Life is just messy. So go with the messy ideas and let those words out before you head explodes. ;-)

SusansPlace said...

I hear you. Last night I watched "The Tunnel". I watched as people crossed CheckPoint Charlie and left loved ones behind the wall. Then I watched them dig a tunnel to bring them out to freedom because they couldn't leave their loved ones behind. This analogy is breaking down but there still is a thread--no matter if there is a big old wall of changed belief between people, we still long for each other and we can still connect in other areas. That longing is normal and natural. I had many of the same thoughts you did yesterday and I am glad you put them into words.
I am waiting for some answers. In the meantime, I'm taking pictures and enjoying the moments. This UPI column is one of your best, imo.


Ampersand said...

I felt every word of it.

Cheryl said...

Your frustration with where you are comes across loud and clear... and why? Because of well-turned phrases like this: It's easy when the words bob to the surface and greet my fingertips.

You, my friend, have a gift. Count yourself fortunate. Even when you feel empty, your writings can at least express your emptiness better than most.

Bilbo said...

Hi Julie,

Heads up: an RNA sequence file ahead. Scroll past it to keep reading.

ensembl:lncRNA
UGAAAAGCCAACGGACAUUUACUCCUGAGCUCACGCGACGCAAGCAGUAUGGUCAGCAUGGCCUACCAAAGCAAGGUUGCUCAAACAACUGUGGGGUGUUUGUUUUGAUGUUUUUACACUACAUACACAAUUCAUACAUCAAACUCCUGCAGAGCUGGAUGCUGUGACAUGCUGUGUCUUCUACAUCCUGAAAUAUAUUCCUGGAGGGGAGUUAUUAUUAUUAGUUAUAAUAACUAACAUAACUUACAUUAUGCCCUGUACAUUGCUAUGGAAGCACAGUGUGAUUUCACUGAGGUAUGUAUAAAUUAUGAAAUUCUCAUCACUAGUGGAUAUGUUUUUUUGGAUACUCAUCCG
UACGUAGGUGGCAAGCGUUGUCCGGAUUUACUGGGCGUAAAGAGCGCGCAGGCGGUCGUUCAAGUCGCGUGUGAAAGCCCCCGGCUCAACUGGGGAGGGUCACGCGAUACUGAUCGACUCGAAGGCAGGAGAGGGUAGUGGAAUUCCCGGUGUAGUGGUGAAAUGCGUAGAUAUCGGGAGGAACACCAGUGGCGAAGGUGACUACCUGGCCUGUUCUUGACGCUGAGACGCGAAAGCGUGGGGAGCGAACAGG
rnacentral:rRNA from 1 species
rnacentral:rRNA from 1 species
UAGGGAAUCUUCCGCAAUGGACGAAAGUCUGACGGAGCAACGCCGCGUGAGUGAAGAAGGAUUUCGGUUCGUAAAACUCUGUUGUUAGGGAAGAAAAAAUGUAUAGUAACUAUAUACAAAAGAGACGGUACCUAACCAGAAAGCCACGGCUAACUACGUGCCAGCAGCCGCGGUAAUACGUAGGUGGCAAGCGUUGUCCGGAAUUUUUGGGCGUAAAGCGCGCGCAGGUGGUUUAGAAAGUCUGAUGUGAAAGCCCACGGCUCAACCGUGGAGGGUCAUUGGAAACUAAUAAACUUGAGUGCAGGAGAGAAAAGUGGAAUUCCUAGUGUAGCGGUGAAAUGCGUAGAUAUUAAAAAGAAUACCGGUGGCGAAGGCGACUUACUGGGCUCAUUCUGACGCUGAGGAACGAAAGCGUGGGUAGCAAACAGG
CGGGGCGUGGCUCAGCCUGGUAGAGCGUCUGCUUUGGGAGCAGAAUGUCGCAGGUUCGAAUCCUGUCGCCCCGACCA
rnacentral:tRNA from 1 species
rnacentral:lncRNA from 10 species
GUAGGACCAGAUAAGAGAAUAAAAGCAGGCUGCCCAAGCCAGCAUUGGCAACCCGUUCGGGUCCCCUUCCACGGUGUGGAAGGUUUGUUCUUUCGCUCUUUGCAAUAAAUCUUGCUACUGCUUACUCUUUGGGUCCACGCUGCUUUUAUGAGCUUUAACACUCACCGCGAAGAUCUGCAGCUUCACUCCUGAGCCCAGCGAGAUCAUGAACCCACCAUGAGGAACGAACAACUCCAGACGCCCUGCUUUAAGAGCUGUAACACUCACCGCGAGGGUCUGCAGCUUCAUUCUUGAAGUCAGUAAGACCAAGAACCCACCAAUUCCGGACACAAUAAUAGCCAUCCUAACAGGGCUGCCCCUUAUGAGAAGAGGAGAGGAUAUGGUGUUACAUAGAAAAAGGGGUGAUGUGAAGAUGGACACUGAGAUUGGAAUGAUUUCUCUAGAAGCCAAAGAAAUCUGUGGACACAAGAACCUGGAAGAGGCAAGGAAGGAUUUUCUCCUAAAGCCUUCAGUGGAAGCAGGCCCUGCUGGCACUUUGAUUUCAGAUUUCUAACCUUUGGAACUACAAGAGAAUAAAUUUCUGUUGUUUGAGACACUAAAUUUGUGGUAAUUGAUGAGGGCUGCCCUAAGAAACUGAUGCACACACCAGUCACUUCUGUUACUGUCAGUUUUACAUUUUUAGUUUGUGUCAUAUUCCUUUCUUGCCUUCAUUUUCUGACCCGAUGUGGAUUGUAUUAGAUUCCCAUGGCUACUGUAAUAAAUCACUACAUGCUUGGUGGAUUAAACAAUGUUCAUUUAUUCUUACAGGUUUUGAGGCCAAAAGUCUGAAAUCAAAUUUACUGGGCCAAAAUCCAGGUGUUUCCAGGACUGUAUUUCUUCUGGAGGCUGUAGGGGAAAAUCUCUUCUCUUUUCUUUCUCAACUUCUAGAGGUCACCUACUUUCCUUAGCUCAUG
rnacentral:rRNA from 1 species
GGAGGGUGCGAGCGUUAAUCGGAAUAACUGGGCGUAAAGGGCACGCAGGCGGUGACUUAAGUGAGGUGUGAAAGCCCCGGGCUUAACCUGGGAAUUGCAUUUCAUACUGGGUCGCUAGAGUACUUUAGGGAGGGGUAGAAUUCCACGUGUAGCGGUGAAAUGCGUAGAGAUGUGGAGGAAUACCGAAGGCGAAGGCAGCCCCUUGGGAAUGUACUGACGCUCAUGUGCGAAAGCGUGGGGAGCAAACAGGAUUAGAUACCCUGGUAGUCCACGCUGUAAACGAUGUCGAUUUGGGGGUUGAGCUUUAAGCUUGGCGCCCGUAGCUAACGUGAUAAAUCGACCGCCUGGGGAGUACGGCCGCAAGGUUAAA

Your words remind of U-2's song "I Still Haven't Found What I am looking for"...I resonated with this particular column because I have been in exile on a couple of important fronts in my life for seven years now, and, I too have stumbled in the dark much of the time bouncing from exploration to another, never really feeling settled or finding what I was looking for...but...part of "my" problem and challenge was that I wasn't sure what I was looking for to begin with, which I suspect is often the case when one is moving away from relationships or communities of faith that have one has identified with for much of their difficult as that can be, and it is, I have also learned a lot about myself and now feel I have a much clearer understanding what I need and want in the future regarding the all important relationships and communities that are so important in our lives...which...has allowed me, just recently, to make some important connections that I hope will meet the needs, desires, and passions that are so important for "soulful" living...I have known you for some time now Julie, and I am confident in the weeks and months to come you will find what "you" are looking for because I believe you are an extremely talented, thoughtful, passionate person, who loves life and has a lot to offer to others...